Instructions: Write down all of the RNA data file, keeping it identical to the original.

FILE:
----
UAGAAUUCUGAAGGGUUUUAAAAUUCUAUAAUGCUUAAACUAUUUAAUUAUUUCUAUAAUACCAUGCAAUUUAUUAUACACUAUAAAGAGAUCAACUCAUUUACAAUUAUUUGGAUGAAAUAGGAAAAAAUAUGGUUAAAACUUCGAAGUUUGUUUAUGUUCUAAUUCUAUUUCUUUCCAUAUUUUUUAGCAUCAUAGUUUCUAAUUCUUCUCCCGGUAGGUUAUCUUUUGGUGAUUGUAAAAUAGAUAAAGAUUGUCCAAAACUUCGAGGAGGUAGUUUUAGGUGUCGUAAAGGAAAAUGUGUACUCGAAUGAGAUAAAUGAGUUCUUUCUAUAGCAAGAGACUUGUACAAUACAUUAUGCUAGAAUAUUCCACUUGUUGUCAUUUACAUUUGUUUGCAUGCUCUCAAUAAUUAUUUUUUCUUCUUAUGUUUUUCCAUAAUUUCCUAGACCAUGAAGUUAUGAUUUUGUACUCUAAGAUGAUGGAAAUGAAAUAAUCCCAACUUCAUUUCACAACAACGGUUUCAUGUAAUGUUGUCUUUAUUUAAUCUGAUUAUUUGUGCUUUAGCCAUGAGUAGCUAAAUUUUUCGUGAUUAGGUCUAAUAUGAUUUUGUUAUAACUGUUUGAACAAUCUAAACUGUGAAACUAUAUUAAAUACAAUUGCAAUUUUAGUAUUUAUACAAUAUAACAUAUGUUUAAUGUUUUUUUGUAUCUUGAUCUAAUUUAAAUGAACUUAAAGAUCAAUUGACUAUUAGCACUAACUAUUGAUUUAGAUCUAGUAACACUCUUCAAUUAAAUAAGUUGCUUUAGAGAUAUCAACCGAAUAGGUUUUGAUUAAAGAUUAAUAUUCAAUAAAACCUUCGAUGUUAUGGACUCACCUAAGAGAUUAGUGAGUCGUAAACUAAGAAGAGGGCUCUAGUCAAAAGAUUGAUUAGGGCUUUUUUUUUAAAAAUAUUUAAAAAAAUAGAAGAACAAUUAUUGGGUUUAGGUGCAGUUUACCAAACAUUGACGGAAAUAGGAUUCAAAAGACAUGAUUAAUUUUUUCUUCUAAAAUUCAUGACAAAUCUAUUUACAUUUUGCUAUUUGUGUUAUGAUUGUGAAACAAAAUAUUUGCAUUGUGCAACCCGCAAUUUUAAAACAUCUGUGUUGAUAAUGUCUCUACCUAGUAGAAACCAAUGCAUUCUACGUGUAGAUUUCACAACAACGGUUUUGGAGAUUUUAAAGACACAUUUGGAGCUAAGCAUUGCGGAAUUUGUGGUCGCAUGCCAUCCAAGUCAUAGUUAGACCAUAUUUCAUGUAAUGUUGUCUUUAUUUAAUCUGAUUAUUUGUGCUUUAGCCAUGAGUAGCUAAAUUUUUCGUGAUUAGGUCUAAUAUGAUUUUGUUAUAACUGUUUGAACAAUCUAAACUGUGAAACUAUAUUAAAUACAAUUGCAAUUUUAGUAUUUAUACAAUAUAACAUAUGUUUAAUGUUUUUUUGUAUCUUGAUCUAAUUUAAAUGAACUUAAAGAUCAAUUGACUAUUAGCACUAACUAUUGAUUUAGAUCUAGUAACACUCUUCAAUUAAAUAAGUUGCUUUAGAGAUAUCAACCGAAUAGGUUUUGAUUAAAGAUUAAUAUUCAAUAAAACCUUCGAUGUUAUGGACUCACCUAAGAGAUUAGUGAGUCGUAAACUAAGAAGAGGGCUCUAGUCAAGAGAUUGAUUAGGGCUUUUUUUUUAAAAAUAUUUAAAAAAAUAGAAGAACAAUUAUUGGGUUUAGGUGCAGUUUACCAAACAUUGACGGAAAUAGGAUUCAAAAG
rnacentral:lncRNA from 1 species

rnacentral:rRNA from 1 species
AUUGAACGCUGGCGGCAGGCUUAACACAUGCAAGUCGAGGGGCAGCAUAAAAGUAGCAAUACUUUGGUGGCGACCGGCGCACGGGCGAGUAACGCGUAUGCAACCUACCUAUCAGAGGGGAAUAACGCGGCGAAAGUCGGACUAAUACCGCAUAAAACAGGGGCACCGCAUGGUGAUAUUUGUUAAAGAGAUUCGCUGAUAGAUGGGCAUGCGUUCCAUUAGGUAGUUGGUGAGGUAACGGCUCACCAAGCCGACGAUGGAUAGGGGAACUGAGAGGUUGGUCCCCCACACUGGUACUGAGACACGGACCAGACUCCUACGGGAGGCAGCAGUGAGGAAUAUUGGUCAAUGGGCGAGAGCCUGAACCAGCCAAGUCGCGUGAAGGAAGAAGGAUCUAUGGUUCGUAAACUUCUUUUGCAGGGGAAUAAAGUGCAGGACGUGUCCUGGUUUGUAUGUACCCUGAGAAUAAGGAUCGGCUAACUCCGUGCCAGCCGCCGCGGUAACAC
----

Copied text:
UAGAAUUCUGAAGGGUUUUAAAAUUCUAUAAUGCUUAAACUAUUUAAUUAUUUCUAUAAUACCAUGCAAUUUAUUAUACACUAUAAAGAGAUCAACUCAUUUACAAUUAUUUGGAUGAAAUAGGAAAAAAUAUGGUUAAAACUUCGAAGUUUGUUUAUGUUCUAAUUCUAUUUCUUUCCAUAUUUUUUAGCAUCAUAGUUUCUAAUUCUUCUCCCGGUAGGUUAUCUUUUGGUGAUUGUAAAAUAGAUAAAGAUUGUCCAAAACUUCGAGGAGGUAGUUUUAGGUGUCGUAAAGGAAAAUGUGUACUCGAAUGAGAUAAAUGAGUUCUUUCUAUAGCAAGAGACUUGUACAAUACAUUAUGCUAGAAUAUUCCACUUGUUGUCAUUUACAUUUGUUUGCAUGCUCUCAAUAAUUAUUUUUUCUUCUUAUGUUUUUCCAUAAUUUCCUAGACCAUGAAGUUAUGAUUUUGUACUCUAAGAUGAUGGAAAUGAAAUAAUCCCAACUUCAUUUCACAACAACGGUUUCAUGUAAUGUUGUCUUUAUUUAAUCUGAUUAUUUGUGCUUUAGCCAUGAGUAGCUAAAUUUUUCGUGAUUAGGUCUAAUAUGAUUUUGUUAUAACUGUUUGAACAAUCUAAACUGUGAAACUAUAUUAAAUACAAUUGCAAUUUUAGUAUUUAUACAAUAUAACAUAUGUUUAAUGUUUUUUUGUAUCUUGAUCUAAUUUAAAUGAACUUAAAGAUCAAUUGACUAUUAGCACUAACUAUUGAUUUAGAUCUAGUAACACUCUUCAAUUAAAUAAGUUGCUUUAGAGAUAUCAACCGAAUAGGUUUUGAUUAAAGAUUAAUAUUCAAUAAAACCUUCGAUGUUAUGGACUCACCUAAGAGAUUAGUGAGUCGUAAACUAAGAAGAGGGCUCUAGUCAAAAGAUUGAUUAGGGCUUUUUUUUUAAAAAUAUUUAAAAAAAUAGAAGAACAAUUAUUGGGUUUAGGUGCAGUUUACCAAACAUUGACGGAAAUAGGAUUCAAAAGACAUGAUUAAUUUUUUCUUCUAAAAUUCAUGACAAAUCUAUUUACAUUUUGCUAUUUGUGUUAUGAUUGUGAAACAAAAUAUUUGCAUUGUGCAACCCGCAAUUUUAAAACAUCUGUGUUGAUAAUGUCUCUACCUAGUAGAAACCAAUGCAUUCUACGUGUAGAUUUCACAACAACGGUUUUGGAGAUUUUAAAGACACAUUUGGAGCUAAGCAUUGCGGAAUUUGUGGUCGCAUGCCAUCCAAGUCAUAGUUAGACCAUAUUUCAUGUAAUGUUGUCUUUAUUUAAUCUGAUUAUUUGUGCUUUAGCCAUGAGUAGCUAAAUUUUUCGUGAUUAGGUCUAAUAUGAUUUUGUUAUAACUGUUUGAACAAUCUAAACUGUGAAACUAUAUUAAAUACAAUUGCAAUUUUAGUAUUUAUACAAUAUAACAUAUGUUUAAUGUUUUUUUGUAUCUUGAUCUAAUUUAAAUGAACUUAAAGAUCAAUUGACUAUUAGCACUAACUAUUGAUUUAGAUCUAGUAACACUCUUCAAUUAAAUAAGUUGCUUUAGAGAUAUCAACCGAAUAGGUUUUGAUUAAAGAUUAAUAUUCAAUAAAACCUUCGAUGUUAUGGACUCACCUAAGAGAUUAGUGAGUCGUAAACUAAGAAGAGGGCUCUAGUCAAGAGAUUGAUUAGGGCUUUUUUUUUAAAAAUAUUUAAAAAAAUAGAAGAACAAUUAUUGGGUUUAGGUGCAGUUUACCAAACAUUGACGGAAAUAGGAUUCAAAAG
rnacentral:lncRNA from 1 species

rnacentral:rRNA from 1 species
AUUGAACGCUGGCGGCAGGCUUAACACAUGCAAGUCGAGGGGCAGCAUAAAAGUAGCAAUACUUUGGUGGCGACCGGCGCACGGGCGAGUAACGCGUAUGCAACCUACCUAUCAGAGGGGAAUAACGCGGCGAAAGUCGGACUAAUACCGCAUAAAACAGGGGCACCGCAUGGUGAUAUUUGUUAAAGAGAUUCGCUGAUAGAUGGGCAUGCGUUCCAUUAGGUAGUUGGUGAGGUAACGGCUCACCAAGCCGACGAUGGAUAGGGGAACUGAGAGGUUGGUCCCCCACACUGGUACUGAGACACGGACCAGACUCCUACGGGAGGCAGCAGUGAGGAAUAUUGGUCAAUGGGCGAGAGCCUGAACCAGCCAAGUCGCGUGAAGGAAGAAGGAUCUAUGGUUCGUAAACUUCUUUUGCAGGGGAAUAAAGUGCAGGACGUGUCCUGGUUUGUAUGUACCCUGAGAAUAAGGAUCGGCUAACUCCGUGCCAGCCGCCGCGGUAACAC